'Nervous' UK PM Johnson promises lower immigration if he wins election

British Prime Minister Boris Johnson has promised a points-based approach to controlling immigration. PHOTO: AFP

LONDON (REUTERS) - British Prime Minister Boris Johnson said he was nervous about his narrowing lead in opinion polls ahead of an election this week but pledged to deliver a "transformative" Brexit on Jan 31 that would allow lower immigration.

Britain votes on Thursday (Dec 12) in an election which will decide the fate of Brexit and the world's fifth-largest economy with a stark choice between Mr Johnson's pro-market Conservatives and the socialist-led opposition Labour Party.

"Brexit is the most radical and profound change to the management of this country," Mr Johnson told Sky, adding that he would lead the United Kingdom out of the European Union on Jan 31 if he won a majority in the 650-seat Parliament.

"Brexit is indispensable - you can't move forward without Brexit," said Mr Johnson, the face of the "out" campaign in the 2016 referendum who won the top job in July after prime minister Theresa May failed to deliver Brexit on time.

Voting begins at 0700 GMT (3pm Singapore time) on Thursday and polls close at 2200 GMT, when an exit poll will give the first indication of who has won. Mr Johnson will likely need more than 320 seats to ensure he can stay prime minister and ratify the Brexit deal he struck in October.

Opinion polls, which largely failed to predict the 2016 referendum result or Mrs May's loss of her majority in the 2017 snap election, show Mr Johnson leads Labour Party leader Jeremy Corbyn, though the lead has narrowed in recent weeks.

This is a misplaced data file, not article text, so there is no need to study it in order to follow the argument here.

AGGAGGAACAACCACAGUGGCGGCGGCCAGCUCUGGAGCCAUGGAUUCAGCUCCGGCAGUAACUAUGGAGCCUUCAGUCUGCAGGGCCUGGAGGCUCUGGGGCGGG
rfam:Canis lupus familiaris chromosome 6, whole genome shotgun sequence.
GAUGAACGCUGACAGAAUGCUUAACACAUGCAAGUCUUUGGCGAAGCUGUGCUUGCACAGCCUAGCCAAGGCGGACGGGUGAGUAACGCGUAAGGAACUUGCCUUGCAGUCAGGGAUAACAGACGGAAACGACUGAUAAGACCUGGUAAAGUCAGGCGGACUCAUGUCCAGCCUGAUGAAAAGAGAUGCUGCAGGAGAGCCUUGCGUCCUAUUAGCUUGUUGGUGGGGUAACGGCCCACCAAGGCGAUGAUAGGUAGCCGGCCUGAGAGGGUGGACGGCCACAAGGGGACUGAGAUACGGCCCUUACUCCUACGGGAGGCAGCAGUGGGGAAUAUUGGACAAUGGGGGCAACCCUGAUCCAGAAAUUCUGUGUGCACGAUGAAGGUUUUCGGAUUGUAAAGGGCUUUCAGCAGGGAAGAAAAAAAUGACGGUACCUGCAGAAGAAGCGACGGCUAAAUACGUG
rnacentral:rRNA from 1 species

Asked if he was nervous about narrowing polls, Mr Johnson said:"Of course, we are fighting for every vote. I think that this is a critical moment for this country."

Four opinion polls published on Saturday put the lead of his Conservative Party over the Labour Party at between eight and 15 points.

No major poll shows Mr Corbyn, a committed socialist who wants to bring swathes of the British economy into state ownership and raise taxes on the financiers of London, will win.

But Labour could still lead a minority government if it deprives Mr Johnson of a majority, as few other parties are willing to prop up a Johnson government. Labour proposes negotiating a new deal and then holding another EU referendum.

Mr Johnson dodged a question on if he would resign if he failed to win a majority, and dismissed questions suggesting that after nearly a decade of Conservative-led rule, he was offering little to voters beyond Brexit.

"Trust in politics has been undermined," he said. "It's been undermined by people who for three and a half years... promised to deliver Brexit and then didn't."

Echoing the Leave campaign pledges of the 2016 referendum, Mr Johnson promised lower immigration with a points-based Australian-style system.

"Numbers will come down because we'll be able to control the system in that way," he said.

He said his focus would be cutting down on unskilled migration, but that there would be scope for high-skilled and other workers to come to Britain.

"I'm not hostile to immigration... I'm a believer in allowing people to come to this country and I think if they have talents and they want to do things and make their lives in the UK and they can contribute to our country - fantastic."

When asked by Sky what the naughtiest thing he was ready to admit to was, Johnson initially asked advisers for suggestions before saying: "I think, I, you know, I may sometimes, when I was riding a bicycle every day, which I used to do, I may sometimes have not always have obeyed the law about cycling on the pavement."

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